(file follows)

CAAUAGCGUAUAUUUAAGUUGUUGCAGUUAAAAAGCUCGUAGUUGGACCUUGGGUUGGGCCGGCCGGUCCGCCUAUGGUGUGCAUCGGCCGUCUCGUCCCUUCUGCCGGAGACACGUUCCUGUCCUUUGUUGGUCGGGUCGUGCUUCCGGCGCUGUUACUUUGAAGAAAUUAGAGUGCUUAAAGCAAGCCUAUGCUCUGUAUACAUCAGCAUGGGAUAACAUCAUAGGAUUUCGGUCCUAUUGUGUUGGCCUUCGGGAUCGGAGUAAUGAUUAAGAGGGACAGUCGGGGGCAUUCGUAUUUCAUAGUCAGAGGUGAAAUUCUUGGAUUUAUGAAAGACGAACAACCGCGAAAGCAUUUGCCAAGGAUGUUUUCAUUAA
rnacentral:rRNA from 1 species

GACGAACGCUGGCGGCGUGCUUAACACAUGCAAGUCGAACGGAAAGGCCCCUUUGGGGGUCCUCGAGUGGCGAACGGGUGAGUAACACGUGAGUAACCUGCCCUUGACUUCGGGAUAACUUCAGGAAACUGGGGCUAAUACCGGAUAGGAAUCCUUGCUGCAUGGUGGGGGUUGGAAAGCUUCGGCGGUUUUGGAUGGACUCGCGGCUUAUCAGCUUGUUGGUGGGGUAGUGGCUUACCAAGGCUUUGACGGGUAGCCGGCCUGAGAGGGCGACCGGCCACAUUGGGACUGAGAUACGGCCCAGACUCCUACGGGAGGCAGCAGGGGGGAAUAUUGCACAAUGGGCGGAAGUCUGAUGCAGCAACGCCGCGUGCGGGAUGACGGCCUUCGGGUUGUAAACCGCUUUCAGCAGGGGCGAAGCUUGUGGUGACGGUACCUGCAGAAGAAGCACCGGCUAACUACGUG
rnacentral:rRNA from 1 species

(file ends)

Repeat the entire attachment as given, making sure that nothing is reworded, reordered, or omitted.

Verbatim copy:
CAAUAGCGUAUAUUUAAGUUGUUGCAGUUAAAAAGCUCGUAGUUGGACCUUGGGUUGGGCCGGCCGGUCCGCCUAUGGUGUGCAUCGGCCGUCUCGUCCCUUCUGCCGGAGACACGUUCCUGUCCUUUGUUGGUCGGGUCGUGCUUCCGGCGCUGUUACUUUGAAGAAAUUAGAGUGCUUAAAGCAAGCCUAUGCUCUGUAUACAUCAGCAUGGGAUAACAUCAUAGGAUUUCGGUCCUAUUGUGUUGGCCUUCGGGAUCGGAGUAAUGAUUAAGAGGGACAGUCGGGGGCAUUCGUAUUUCAUAGUCAGAGGUGAAAUUCUUGGAUUUAUGAAAGACGAACAACCGCGAAAGCAUUUGCCAAGGAUGUUUUCAUUAA
rnacentral:rRNA from 1 species

GACGAACGCUGGCGGCGUGCUUAACACAUGCAAGUCGAACGGAAAGGCCCCUUUGGGGGUCCUCGAGUGGCGAACGGGUGAGUAACACGUGAGUAACCUGCCCUUGACUUCGGGAUAACUUCAGGAAACUGGGGCUAAUACCGGAUAGGAAUCCUUGCUGCAUGGUGGGGGUUGGAAAGCUUCGGCGGUUUUGGAUGGACUCGCGGCUUAUCAGCUUGUUGGUGGGGUAGUGGCUUACCAAGGCUUUGACGGGUAGCCGGCCUGAGAGGGCGACCGGCCACAUUGGGACUGAGAUACGGCCCAGACUCCUACGGGAGGCAGCAGGGGGGAAUAUUGCACAAUGGGCGGAAGUCUGAUGCAGCAACGCCGCGUGCGGGAUGACGGCCUUCGGGUUGUAAACCGCUUUCAGCAGGGGCGAAGCUUGUGGUGACGGUACCUGCAGAAGAAGCACCGGCUAACUACGUG
rnacentral:rRNA from 1 species